[Militia Society]. Receipt for Payment to the Militia Society. London: No Publisher, 1800. First Edition. 32mo (Oblong). Unbound. Receipt / Invoice. Good. Printed single sided receipt for the annual subscription to the Militia Society, approximately 170mm x 100mm in size.
Slightly browned, minor chipping along left hand edge, small tear to one of the folds.
Dated 9th December 1800, received of Mr Henry Evans of No. 100 New Bond St. in the Parish of St, Georges, the sum of ONE GUINEA, being his Annual Subscription to the Society, held for the Purpose of Providing Substitutes, for such of the subscribing Persons who may be Ballotted to serve in the Old or Supplementary Militia, by Virtue of, and under the Direction of the Present existing Acts of Parliament, to the First Day of November, One Thousand, Eight Hundred and One. Signed by the Treasurers, but the signatures have faded.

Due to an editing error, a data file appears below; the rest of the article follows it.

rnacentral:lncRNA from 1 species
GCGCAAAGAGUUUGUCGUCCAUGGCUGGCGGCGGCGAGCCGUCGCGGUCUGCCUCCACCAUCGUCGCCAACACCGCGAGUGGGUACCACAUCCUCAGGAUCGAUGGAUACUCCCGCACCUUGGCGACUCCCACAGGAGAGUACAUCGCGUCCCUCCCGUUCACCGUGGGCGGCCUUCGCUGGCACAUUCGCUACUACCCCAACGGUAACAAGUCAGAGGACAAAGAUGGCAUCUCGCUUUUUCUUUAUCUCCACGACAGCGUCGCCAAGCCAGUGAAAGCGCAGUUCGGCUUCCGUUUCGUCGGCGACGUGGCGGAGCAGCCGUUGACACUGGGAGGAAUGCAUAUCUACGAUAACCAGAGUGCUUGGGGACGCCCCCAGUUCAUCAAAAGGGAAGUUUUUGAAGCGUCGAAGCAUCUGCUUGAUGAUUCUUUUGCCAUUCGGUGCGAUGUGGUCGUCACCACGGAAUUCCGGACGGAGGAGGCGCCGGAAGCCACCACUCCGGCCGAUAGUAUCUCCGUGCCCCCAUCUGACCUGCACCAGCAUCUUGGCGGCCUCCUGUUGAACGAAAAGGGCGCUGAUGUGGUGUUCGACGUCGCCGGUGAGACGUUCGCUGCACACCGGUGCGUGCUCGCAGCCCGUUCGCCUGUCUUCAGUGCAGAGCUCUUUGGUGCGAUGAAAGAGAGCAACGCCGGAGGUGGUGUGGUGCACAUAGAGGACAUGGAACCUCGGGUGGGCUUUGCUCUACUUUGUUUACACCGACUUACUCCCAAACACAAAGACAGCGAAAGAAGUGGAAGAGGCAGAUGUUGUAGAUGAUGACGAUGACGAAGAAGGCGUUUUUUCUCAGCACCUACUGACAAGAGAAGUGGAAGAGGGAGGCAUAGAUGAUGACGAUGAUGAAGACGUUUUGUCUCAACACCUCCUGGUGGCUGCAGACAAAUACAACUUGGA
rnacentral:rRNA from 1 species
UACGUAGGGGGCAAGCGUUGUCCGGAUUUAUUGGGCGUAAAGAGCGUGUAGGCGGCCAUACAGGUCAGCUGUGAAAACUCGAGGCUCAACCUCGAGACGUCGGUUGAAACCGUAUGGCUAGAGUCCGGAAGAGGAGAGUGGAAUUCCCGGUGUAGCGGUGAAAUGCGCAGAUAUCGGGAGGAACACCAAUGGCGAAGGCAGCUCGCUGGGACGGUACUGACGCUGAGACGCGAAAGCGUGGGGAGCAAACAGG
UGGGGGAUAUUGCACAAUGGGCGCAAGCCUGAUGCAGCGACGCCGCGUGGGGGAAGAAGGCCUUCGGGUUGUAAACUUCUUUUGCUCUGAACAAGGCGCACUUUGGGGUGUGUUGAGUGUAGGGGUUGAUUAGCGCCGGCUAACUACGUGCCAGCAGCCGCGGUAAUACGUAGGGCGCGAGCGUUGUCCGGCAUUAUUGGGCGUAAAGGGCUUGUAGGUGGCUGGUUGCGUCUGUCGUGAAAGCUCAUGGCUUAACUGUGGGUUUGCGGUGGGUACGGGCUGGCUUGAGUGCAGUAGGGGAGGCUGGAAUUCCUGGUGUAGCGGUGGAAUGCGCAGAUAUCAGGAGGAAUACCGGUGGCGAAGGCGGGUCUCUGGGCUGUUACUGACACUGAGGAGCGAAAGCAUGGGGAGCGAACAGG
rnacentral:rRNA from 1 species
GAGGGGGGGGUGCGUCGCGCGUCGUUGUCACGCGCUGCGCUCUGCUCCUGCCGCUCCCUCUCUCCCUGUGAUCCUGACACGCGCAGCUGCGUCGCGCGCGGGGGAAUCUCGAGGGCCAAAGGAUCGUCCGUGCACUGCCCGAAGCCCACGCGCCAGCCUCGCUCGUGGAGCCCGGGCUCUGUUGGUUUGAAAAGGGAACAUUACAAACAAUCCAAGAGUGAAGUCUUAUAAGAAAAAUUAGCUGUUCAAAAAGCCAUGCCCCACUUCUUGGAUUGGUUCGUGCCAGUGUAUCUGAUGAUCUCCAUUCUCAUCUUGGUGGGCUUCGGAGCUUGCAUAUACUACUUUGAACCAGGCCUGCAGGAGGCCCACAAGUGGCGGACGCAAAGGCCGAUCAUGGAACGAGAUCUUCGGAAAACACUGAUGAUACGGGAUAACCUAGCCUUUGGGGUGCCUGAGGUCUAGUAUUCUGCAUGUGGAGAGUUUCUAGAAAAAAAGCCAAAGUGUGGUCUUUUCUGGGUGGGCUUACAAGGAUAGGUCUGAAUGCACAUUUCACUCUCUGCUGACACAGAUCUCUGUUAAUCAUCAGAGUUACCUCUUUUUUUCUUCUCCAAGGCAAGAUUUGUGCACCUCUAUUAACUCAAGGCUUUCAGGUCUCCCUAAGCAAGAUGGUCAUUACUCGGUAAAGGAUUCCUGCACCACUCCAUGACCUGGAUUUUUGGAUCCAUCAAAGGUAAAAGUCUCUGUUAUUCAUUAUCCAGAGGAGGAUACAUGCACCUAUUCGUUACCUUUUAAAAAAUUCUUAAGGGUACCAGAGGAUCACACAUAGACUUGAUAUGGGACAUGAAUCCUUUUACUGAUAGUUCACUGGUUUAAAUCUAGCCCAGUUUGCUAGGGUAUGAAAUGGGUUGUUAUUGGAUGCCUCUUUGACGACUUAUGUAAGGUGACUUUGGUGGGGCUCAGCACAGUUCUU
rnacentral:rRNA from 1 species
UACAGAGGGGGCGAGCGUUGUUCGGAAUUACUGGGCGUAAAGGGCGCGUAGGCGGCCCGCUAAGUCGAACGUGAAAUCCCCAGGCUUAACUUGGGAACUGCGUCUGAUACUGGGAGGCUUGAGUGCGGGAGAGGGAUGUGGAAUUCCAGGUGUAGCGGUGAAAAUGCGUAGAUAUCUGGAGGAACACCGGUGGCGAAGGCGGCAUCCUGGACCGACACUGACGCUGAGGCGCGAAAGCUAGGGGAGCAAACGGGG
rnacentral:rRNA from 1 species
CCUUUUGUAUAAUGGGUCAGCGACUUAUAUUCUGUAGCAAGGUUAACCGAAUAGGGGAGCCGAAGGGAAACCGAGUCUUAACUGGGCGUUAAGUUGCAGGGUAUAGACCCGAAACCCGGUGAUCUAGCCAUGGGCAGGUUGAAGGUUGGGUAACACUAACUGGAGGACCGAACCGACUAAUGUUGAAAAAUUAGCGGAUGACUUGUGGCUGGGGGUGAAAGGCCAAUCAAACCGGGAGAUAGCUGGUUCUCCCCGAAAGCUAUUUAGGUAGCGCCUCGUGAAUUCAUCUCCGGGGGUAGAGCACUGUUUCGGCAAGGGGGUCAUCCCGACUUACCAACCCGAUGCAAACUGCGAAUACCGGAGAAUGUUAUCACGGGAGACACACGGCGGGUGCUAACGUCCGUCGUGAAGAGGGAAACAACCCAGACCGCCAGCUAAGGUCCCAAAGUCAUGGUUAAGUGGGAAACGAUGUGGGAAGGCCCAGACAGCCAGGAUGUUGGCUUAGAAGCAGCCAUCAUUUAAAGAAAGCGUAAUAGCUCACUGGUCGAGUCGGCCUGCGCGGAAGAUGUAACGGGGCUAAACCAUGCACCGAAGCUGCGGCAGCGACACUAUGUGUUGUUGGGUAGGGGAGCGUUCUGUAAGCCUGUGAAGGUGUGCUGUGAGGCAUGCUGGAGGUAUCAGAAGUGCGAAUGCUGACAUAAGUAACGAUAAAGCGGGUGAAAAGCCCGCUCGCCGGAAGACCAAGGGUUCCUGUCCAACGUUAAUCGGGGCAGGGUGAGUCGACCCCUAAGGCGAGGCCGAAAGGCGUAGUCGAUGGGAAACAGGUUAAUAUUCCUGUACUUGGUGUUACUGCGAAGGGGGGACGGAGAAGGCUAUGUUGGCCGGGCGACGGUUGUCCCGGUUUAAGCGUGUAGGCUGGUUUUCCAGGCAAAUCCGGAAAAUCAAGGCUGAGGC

The 1757 Militia Act meant that men were selected by ballot to serve for three years in a local militia, which was an attempt to create a national military reserve. If you were selected, but did not want to serve, you could pay someone else to do the service for you.
The Militia Society was probably a bit like a Friendly Society where you paid a smaller amount to ‘insure’ you against a larger bill, with other sources noting you could either provide a substitute or “pay ten pounds towards the provision of one. After three years, both the drawn man and any substitute would again be liable for service by way of the ballot. The cost of getting a volunteer substitute later increased considerably. In 1803, John Carrington, the diarist of Bramfield, had to pay twenty pounds for a substitute when his son was drawn” (Hertfordshire Family History Society Website)